Senate Judiciary Committee Advances Four Bills Out of Committee

HARRISBURG − October 19, 2021 − The Senate Judiciary Committee, chaired by Senator Lisa Baker (R-20) and co-chaired by Senator Steve Santarsiero (D-10), held a meeting today advancing three bills focused on probation reform and a fourth related to criminal justice and police protection.

The three bills related to probation were voted unanimously out of committee and are as follows:

Senate Bill 904, introduced by Senator Baker amends Title 42 to allow for the scheduling of “remote” probation meetings.

Senate Bill 905, introduced by Senator Baker amends the Pennsylvania Crime and Delinquency Law (Act 274 of 1978) by directing the County Adult Probation and Parole Advisory Committee to establish criteria for when an offender’s schedule should be considered in the scheduling probation meetings.

Senate Bill 913, introduced by Senator Baker and Senators Camera Bartolotta (R-46) and Senator Anthony Williams (D-8) amends Title 42 to provide for comprehensive probation reforms.

“The probation reform bills passed today out of the Senate Judiciary Committee are critically needed to achieve the end goal of our criminal justice system, to deal justly and to get to a place where people can put their lives back together,” said Sen. Santarsiero. “Resolving issues of technical violations to probation, including allowing for scheduling remote meetings and making reasonable accommodations for the schedules of those on probation, are reasonable steps toward achieving this goal.”

The final bill passed out of committee, Senate Bill 814, introduced by Senator Yudichak (I-14) amends Title 18 to create two new offenses of “Evading arrest or detention on foot” and “Harming a police animal while evading arrest or detention.”  The bill honors a Scranton police officer, John Wilding, who died in 2020 from injuries sustained while pursuing three armed robbery suspects on foot.  Several Democratic Members raised concerns regarding technical aspects of the legislation including the gradation of the offenses but voted to move the bill forward with the understanding there would be an opportunity for additional dialogue and amendments. The bill was passed by a vote of 12-2 with Senators Amanda Cappelletti (D-17) and Maria Collett (D-12) voting in the negative.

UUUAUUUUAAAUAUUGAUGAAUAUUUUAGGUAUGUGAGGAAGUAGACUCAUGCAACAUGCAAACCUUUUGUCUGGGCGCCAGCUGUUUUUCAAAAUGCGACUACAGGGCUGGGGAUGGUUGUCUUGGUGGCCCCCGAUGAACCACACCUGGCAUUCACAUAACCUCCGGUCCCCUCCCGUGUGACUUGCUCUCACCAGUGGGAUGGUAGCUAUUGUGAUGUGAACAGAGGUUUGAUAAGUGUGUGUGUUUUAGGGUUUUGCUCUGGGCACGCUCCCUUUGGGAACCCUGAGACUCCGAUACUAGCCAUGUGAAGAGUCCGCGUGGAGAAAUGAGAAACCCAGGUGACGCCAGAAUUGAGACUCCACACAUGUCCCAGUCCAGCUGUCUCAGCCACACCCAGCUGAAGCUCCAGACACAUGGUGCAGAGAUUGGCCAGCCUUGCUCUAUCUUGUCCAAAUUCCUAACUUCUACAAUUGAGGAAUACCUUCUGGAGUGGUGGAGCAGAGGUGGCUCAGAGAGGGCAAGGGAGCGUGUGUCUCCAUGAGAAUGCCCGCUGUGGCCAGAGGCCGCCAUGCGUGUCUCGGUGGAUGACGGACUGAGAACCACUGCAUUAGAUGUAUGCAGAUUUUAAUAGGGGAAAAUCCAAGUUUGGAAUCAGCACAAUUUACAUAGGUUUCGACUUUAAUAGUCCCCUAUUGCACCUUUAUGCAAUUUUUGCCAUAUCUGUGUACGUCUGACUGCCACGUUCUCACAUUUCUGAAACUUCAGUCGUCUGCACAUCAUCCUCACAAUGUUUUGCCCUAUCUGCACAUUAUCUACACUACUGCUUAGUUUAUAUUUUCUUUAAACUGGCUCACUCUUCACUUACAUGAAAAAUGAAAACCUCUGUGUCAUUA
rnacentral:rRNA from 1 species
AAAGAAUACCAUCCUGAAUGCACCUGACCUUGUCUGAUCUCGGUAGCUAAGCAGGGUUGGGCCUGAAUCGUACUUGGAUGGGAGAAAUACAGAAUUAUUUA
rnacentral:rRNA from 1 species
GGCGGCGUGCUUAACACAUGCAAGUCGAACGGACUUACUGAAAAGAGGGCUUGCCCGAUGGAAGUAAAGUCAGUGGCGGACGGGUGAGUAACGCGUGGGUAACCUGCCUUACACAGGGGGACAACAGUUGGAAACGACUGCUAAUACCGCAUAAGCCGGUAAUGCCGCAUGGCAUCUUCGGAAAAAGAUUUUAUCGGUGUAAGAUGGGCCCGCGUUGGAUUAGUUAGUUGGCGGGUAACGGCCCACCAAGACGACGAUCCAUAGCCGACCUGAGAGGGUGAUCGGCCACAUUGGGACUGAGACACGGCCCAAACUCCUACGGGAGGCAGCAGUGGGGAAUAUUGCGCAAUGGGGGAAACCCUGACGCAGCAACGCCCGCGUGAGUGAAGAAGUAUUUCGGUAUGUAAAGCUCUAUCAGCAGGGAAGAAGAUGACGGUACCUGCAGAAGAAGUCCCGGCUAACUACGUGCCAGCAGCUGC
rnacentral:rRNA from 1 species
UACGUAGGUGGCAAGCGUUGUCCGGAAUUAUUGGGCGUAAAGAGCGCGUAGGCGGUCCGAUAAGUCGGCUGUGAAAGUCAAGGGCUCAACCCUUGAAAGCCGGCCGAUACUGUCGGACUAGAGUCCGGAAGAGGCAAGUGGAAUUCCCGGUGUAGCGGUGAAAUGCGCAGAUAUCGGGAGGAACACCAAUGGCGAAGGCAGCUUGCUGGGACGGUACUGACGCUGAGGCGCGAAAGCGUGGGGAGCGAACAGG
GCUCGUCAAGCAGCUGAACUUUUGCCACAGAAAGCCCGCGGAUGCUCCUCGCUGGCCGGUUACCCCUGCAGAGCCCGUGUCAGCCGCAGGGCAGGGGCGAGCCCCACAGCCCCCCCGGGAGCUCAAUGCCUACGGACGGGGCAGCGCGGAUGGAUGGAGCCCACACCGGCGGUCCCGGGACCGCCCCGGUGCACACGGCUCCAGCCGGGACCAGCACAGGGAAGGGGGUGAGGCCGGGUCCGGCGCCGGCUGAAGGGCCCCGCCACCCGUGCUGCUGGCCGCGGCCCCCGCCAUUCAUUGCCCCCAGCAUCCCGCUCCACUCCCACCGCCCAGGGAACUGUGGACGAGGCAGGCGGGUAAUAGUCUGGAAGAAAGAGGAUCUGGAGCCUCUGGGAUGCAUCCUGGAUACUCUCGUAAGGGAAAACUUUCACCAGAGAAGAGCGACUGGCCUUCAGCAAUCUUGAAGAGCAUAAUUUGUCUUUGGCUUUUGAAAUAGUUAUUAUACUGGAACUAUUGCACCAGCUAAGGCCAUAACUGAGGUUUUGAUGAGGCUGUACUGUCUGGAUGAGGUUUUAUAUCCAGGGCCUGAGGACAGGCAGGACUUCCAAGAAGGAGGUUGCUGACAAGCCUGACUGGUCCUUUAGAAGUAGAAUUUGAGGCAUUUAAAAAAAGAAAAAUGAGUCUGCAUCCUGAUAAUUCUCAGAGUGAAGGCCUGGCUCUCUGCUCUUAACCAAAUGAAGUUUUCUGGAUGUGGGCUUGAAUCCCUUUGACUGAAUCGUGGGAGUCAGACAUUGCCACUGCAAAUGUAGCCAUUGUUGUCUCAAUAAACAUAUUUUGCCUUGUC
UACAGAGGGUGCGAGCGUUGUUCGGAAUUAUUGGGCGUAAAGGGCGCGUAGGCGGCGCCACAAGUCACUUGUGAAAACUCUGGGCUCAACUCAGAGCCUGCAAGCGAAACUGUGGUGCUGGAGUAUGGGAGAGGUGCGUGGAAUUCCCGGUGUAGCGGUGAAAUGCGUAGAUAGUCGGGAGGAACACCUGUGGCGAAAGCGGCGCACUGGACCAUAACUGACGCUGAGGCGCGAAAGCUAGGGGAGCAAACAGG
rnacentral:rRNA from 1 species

On Senate Bill 814, Sen. Santarsiero noted, “This bill honors the memory of Officer Wilding and seeks to prevent the tragedy that befell him from happening again.  I look forward to working with my colleagues to modify some of the language in the bill.”

All four bills now advance to the full Senate for consideration.



Kayden’s Law Clears Senate Judiciary Committee in New Term

BUCKS COUNTY— January 25, 2021 — Senate Bill 78, known as Kayden’s Law, was unanimously voted out of the Senate Judiciary Committee this afternoon, one of the first bills to move out of the committee since the start of the new session.  The bi-partisan legislation is sponsored by Senators Steve Santarsiero (D-10) and Lisa Baker (R-20), and is named for Kayden Mancuso, a seven-year-old from Lower Makefield Township, who was killed in August 2018 by her biological father during a court-ordered, unsupervised visit granted following a year-long custody dispute.

“In the two years since Kayden’s death, I have been working with Kayden’s family and experts in the field of child abuse and child custody issues, to craft legislation along with Representatives Tina Davis (D-141) and Perry Warren (D-31), the sponsors of the legislation in the House, that would make a fundamental change to Pennsylvania’s child custody law,” said Sen. Santarsiero.  “Kayden’s death was a senseless and avoidable tragedy that shook our community, and together, the legislature can prevent others from experiencing this type of grief and loss.  We must ensure the safety of our children is the most important concern in contentious custody battles.”

“It is our duty to do everything within our power to protect the most vulnerable individuals within our communities, and I am pleased that this legislation will help to better protect children across our Commonwealth,” Senator Baker said.  “Our current state law failed to ensure the health and safety of Kayden, which was a heartbreaking tragedy, but, unfortunately, not unique.  This bill requires a court to consider certain critical factors to ensure that the health and safety of children are weighed before custody of a child is awarded to any party or parties.”

Kayden’s Law was voted unanimously out of the Senate Judiciary Committee in September 2020, during the previous Senate session.  With the start of the new session in January 2021, all bills that were not passed in the previous session must be re-introduced and begin the legislative process anew.

At the time the bill was passed out of committee in September 2020, Sen. Santarsiero said, “Never again.  That should be our vow as lawmakers.  Never again should one of our children die or be abused because Pennsylvania law does not do enough to protect them. The tragedy of Kayden Mancuso’s death demonstrates that the current child custody law does not in fact do enough.”